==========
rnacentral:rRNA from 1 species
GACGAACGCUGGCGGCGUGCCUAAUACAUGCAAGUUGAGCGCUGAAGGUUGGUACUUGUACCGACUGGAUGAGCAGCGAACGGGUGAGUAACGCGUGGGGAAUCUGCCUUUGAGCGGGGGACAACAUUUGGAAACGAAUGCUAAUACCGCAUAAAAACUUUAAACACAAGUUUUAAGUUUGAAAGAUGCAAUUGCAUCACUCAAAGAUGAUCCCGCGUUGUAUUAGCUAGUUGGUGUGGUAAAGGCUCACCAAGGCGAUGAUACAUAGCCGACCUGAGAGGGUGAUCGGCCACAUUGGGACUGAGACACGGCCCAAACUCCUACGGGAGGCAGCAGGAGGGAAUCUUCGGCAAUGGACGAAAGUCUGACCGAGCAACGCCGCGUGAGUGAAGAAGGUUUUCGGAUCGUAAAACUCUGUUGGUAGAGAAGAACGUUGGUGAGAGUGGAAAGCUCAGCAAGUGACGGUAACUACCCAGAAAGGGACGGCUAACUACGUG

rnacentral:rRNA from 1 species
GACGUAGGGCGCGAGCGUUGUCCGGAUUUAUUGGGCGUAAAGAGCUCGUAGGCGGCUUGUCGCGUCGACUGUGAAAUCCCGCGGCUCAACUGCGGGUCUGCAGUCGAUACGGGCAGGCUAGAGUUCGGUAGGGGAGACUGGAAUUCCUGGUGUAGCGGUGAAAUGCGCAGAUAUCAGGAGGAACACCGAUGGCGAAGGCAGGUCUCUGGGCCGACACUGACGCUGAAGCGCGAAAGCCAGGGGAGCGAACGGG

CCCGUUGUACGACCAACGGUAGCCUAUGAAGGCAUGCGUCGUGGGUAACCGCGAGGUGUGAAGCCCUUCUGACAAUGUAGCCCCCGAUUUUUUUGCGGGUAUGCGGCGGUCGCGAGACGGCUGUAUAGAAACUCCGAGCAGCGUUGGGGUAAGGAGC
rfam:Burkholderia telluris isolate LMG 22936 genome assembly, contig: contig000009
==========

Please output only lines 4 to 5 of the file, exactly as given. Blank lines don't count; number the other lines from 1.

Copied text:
GACGUAGGGCGCGAGCGUUGUCCGGAUUUAUUGGGCGUAAAGAGCUCGUAGGCGGCUUGUCGCGUCGACUGUGAAAUCCCGCGGCUCAACUGCGGGUCUGCAGUCGAUACGGGCAGGCUAGAGUUCGGUAGGGGAGACUGGAAUUCCUGGUGUAGCGGUGAAAUGCGCAGAUAUCAGGAGGAACACCGAUGGCGAAGGCAGGUCUCUGGGCCGACACUGACGCUGAAGCGCGAAAGCCAGGGGAGCGAACGGG

CCCGUUGUACGACCAACGGUAGCCUAUGAAGGCAUGCGUCGUGGGUAACCGCGAGGUGUGAAGCCCUUCUGACAAUGUAGCCCCCGAUUUUUUUGCGGGUAUGCGGCGGUCGCGAGACGGCUGUAUAGAAACUCCGAGCAGCGUUGGGGUAAGGAGC